The hybrid denture was delivered the next day. After 2 months, the patient was seen again, and the practitioner performed osteo- tomies and placed six maxillary implants. Figure 30 is a retracted view of the patient's dentition 1 week postoperatively. For both the mandible and maxilla together, the mean angular deviation was 2.08 (SD, 0.85), the mean platform deviation was 0.97 mm (SD, 0.43), and the mean apical deviation was 1.25 mm (SD, 0.44), which is within the expected range. With the help of dynamic navigation, the procedure was extremely successful. Figure 31 shows the patient's digitally milled PMMA prosthesis and soft tissue at 1 year postoperatively.


Dynamic navigation is not a single technique, but rather is a mode of surgery that is useful for multiple procedures, and thus is not limited to implant placement. It is important to note that, while there is a learning curve, proficiency can usually be achieved after 10 to 20 implant placements.35 Dynamic navigation is appropriate for any procedure in which the practitioner desires improved vision with magnification of anatomic locations (in complex three dimensions) requiring micron accuracy. The improved accuracy of dynamic navigation, equivalent to that of static- guided and robotic surgery but with enhanced vision and greater flexibility, ultimately has been found to offer improved predictability and enhanced clinical outcomes.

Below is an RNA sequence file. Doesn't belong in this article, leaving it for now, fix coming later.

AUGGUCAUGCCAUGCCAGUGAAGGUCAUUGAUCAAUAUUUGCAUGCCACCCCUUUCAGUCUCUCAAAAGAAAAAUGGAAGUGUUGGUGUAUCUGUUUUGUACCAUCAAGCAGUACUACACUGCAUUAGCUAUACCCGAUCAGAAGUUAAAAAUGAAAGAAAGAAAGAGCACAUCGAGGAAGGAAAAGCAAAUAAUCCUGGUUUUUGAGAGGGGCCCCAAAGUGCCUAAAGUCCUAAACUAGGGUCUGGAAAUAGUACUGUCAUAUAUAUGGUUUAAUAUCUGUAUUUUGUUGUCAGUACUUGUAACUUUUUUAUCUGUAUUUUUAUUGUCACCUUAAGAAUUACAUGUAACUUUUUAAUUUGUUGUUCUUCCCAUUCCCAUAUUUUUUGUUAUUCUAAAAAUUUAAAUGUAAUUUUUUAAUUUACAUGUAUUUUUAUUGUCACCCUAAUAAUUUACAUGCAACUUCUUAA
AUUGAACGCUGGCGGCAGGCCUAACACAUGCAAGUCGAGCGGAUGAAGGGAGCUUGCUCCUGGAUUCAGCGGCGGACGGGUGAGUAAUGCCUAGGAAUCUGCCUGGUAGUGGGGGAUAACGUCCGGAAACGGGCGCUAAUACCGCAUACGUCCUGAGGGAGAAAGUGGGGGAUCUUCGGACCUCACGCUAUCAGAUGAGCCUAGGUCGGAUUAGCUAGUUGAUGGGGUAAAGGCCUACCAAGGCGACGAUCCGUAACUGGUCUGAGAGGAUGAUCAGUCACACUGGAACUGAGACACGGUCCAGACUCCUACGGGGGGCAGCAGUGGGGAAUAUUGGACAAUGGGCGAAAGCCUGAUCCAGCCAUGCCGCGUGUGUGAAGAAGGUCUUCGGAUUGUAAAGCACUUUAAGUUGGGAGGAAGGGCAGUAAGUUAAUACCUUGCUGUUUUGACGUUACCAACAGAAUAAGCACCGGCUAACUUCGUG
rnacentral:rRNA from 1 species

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Fig 1. A tracking device is attached to the patient and the handpiece. The light from the camera hits the tracking device, capturing the relation of the handpiece to the patient and providing real-time feedback to the surgeon. In this way, dynamic navigation is in some ways similar to the GPS device we use in automobiles.

Figure 1

Fig 2. Degrees of angular deviation achieved with the dynamic navigation and free-hand techniques, respectively. Left panel: Optimal angular deviation that should be achieved with guided surgery. Middle panel: Angular deviation achieved with dynamic navigation. Right panel: Angular deviation achieved with free-hand surgery.

Figure 2

Fig 3. During dynamic navigation, the procedure is displayed on a screen at eye-level; the practitioner does not need to look down directly at the patient.

Figure 3

Fig 4. Dynamic navigation workflow for both dentate and edentulous cases.

Figure 4

Fig 5. Thermoplastic clip with patient tracking array attached. The thermoplastic clip is recognized by the planning software and its position displayed.

Figure 5

Fig 6. Virtual registration view with a dual-scan technique.

Figure 6

Fig 7. Edentulous screws with arms and tracking array attached.

Figure 7

Fig 8. Left panel: the surgical field. Right panel: the target view as the N1 shaper is brought to ideal depth and angle. The tip of the drill, the blue dot, is aligned with the top of the drill, the green donut. This assures proper angulation. The green circle indicates ideal depth. The ideal depth is always at the nine o

Figure 8